Our higher education model must recognise that India’s demographic dividend impacts nearly 250 million youth that make up 21 percent of India. They all are looking for jobs. We need to design our educational pattern keeping the same in mind, says Dr Amir Ullah Khan, Vice Chancellor, Glocal University.
More than 60 years ago, India decided to follow the model of higher education that was followed in the UK. The University Grants Commission Act was passed in 1956 and this statutory body came in to being that would regulate standards in Indian universities and give grants to all central universities. For 40 years, we continued this system.
Nearly two decades ago, in 1995, the Sikkim Manipal University was established as Indian’s first private sector university. Since then a small number of such initiatives have taken shape and today, we have a little more than 170 private universities set up all over the country. The total number of universities is about 660, 45 of whom are central universities, 312 state universities and about 130 are deemed universities. And all over the country, the debate on this privatisation has been going on relentlessly, including on the question of allowing foreign universities to set up campuses in India.
Today, no Indian university is ranked even in the top 200 in the world. The best universities are predominantly from the United States, but there are Japanese and Chinese Universities that are among the top 50. Indian universities suffer from poor faculty to student ratio, a pitiable research output, very little industry interface, and crumbling infrastructure by way of poorly equipped laboratories and meagre library resources. Despite a long history, our universities have never been able to establish any international reputation and this includes institutes that we are very proud of, namely the Indian Institutes of Technology and the Indian Institutes of Management.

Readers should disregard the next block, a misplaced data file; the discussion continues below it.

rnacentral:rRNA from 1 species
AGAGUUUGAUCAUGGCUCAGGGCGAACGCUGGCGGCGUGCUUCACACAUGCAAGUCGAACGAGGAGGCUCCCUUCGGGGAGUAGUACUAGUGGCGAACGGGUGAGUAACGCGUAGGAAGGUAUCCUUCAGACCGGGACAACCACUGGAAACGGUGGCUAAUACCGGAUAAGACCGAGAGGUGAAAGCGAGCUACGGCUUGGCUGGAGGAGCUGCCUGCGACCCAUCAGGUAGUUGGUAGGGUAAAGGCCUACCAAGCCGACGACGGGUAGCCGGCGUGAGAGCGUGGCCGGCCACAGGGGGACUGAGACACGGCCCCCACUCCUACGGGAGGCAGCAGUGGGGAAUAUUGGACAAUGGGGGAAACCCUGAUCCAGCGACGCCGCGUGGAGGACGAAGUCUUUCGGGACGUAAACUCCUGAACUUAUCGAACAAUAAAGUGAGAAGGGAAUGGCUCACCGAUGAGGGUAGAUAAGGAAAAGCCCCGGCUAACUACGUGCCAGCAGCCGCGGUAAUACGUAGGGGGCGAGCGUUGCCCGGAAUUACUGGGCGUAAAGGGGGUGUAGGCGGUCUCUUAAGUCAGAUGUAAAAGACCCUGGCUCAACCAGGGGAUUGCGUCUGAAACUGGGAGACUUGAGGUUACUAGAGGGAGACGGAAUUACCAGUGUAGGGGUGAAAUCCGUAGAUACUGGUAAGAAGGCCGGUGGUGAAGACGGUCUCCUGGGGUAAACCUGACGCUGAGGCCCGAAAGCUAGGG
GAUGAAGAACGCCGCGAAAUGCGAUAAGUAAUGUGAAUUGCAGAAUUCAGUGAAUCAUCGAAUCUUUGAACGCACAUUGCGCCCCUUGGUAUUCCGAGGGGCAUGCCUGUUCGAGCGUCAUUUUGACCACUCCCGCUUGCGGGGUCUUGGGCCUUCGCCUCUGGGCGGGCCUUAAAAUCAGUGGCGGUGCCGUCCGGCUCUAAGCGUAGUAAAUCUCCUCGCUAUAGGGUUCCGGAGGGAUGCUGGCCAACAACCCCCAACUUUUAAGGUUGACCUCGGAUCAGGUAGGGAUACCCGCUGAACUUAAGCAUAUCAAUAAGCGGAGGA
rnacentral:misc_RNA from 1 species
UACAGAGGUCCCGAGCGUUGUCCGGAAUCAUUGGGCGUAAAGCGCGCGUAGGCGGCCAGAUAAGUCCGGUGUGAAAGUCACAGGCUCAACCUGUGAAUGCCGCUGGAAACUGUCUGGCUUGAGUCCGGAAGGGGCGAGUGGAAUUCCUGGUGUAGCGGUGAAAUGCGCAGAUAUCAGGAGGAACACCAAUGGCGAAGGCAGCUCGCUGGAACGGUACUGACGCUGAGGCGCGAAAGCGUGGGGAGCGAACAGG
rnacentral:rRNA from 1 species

In India, most rankings name Delhi University, the Jawaharlal University and the Calcutta University among the top universities within the country. Osmania University and the Central University in Hyderabad, Aligarh Muslim and Benares Hindu University and the Bombay University are the other top ranked institutions. The Birla Institute in Pilani is one solitary private institute that figures among the top institutes in the country.
None of our government-owned and run universities can compete with any well-known international university. The gross enrolment ratio (GER) in India, that shows how many people between 18 and 25 enter college, is lower than 18 percent and pales in comparison with most countries around the world.
It indeed is time we visited this rather rigid system and allowed it to become far more inclusive than it is. Distance education, which has been so tightly regulated and under developed, must be catalysed to provide inexpensive and high quality education to millions of youth in remote locations, in a number of languages and covering a larger number of subjects and skills.
Curriculum that has always been supply driven needs to increasingly transform into delivering demand-driven output, keeping the potential employer in mind and incorporating industry interest. Private universities, if allowed to grow and unshackled from mindless restrictions, could play a great role in this area.